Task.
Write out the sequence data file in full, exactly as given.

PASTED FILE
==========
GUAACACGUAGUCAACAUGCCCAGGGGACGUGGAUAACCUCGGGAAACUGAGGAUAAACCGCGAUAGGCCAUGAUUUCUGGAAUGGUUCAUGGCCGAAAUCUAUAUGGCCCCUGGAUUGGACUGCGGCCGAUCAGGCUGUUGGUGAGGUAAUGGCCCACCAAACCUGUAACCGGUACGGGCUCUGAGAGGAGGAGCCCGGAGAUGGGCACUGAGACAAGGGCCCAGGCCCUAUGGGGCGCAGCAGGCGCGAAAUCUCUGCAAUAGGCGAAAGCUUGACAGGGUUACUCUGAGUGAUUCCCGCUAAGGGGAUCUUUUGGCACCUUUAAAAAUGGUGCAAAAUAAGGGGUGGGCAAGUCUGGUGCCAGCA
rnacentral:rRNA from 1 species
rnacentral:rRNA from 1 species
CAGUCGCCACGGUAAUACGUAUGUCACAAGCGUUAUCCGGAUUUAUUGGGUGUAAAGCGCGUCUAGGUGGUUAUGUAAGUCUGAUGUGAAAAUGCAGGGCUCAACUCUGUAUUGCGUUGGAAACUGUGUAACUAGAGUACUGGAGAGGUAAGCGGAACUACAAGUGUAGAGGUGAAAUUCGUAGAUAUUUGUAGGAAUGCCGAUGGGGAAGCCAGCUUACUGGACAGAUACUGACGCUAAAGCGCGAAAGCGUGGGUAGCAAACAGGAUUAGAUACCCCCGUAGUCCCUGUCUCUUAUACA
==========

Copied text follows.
GUAACACGUAGUCAACAUGCCCAGGGGACGUGGAUAACCUCGGGAAACUGAGGAUAAACCGCGAUAGGCCAUGAUUUCUGGAAUGGUUCAUGGCCGAAAUCUAUAUGGCCCCUGGAUUGGACUGCGGCCGAUCAGGCUGUUGGUGAGGUAAUGGCCCACCAAACCUGUAACCGGUACGGGCUCUGAGAGGAGGAGCCCGGAGAUGGGCACUGAGACAAGGGCCCAGGCCCUAUGGGGCGCAGCAGGCGCGAAAUCUCUGCAAUAGGCGAAAGCUUGACAGGGUUACUCUGAGUGAUUCCCGCUAAGGGGAUCUUUUGGCACCUUUAAAAAUGGUGCAAAAUAAGGGGUGGGCAAGUCUGGUGCCAGCA
rnacentral:rRNA from 1 species
rnacentral:rRNA from 1 species
CAGUCGCCACGGUAAUACGUAUGUCACAAGCGUUAUCCGGAUUUAUUGGGUGUAAAGCGCGUCUAGGUGGUUAUGUAAGUCUGAUGUGAAAAUGCAGGGCUCAACUCUGUAUUGCGUUGGAAACUGUGUAACUAGAGUACUGGAGAGGUAAGCGGAACUACAAGUGUAGAGGUGAAAUUCGUAGAUAUUUGUAGGAAUGCCGAUGGGGAAGCCAGCUUACUGGACAGAUACUGACGCUAAAGCGCGAAAGCGUGGGUAGCAAACAGGAUUAGAUACCCCCGUAGUCCCUGUCUCUUAUACA